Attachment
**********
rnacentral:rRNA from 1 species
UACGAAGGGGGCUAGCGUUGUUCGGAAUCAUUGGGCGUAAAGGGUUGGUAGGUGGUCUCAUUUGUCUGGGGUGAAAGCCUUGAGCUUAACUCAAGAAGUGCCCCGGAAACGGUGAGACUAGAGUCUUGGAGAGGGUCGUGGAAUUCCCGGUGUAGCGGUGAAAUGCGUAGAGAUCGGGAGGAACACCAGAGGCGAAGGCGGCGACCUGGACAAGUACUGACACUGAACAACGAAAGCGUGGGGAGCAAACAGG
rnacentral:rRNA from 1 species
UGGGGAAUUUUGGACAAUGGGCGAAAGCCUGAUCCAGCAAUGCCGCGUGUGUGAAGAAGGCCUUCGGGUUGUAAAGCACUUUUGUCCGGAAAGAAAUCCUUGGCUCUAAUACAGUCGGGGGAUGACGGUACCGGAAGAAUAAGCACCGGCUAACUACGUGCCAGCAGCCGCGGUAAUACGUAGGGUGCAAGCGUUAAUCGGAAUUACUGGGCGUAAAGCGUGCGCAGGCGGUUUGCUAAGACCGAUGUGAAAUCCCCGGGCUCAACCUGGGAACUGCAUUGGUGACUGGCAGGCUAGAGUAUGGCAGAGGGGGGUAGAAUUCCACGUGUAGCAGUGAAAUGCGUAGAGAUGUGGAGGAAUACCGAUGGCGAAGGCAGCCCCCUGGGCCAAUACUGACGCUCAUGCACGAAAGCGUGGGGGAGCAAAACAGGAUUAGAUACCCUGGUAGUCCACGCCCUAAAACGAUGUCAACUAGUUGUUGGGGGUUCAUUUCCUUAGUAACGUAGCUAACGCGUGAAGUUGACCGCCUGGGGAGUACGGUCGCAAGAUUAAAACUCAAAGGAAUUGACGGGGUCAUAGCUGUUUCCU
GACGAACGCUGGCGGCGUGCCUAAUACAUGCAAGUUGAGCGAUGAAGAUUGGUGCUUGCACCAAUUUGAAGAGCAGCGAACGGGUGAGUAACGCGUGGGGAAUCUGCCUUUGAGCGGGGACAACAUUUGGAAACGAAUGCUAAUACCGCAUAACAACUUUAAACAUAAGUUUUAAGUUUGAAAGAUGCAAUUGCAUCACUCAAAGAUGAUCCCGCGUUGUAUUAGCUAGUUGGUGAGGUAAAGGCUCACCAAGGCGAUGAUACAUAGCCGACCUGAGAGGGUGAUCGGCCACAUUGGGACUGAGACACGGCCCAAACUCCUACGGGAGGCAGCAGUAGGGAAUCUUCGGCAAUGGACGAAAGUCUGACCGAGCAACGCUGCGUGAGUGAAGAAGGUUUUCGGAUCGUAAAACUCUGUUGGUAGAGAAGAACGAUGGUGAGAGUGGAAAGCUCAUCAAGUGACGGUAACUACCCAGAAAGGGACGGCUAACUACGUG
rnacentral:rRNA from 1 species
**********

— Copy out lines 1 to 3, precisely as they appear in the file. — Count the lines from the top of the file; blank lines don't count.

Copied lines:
rnacentral:rRNA from 1 species
UACGAAGGGGGCUAGCGUUGUUCGGAAUCAUUGGGCGUAAAGGGUUGGUAGGUGGUCUCAUUUGUCUGGGGUGAAAGCCUUGAGCUUAACUCAAGAAGUGCCCCGGAAACGGUGAGACUAGAGUCUUGGAGAGGGUCGUGGAAUUCCCGGUGUAGCGGUGAAAUGCGUAGAGAUCGGGAGGAACACCAGAGGCGAAGGCGGCGACCUGGACAAGUACUGACACUGAACAACGAAAGCGUGGGGAGCAAACAGG
rnacentral:rRNA from 1 species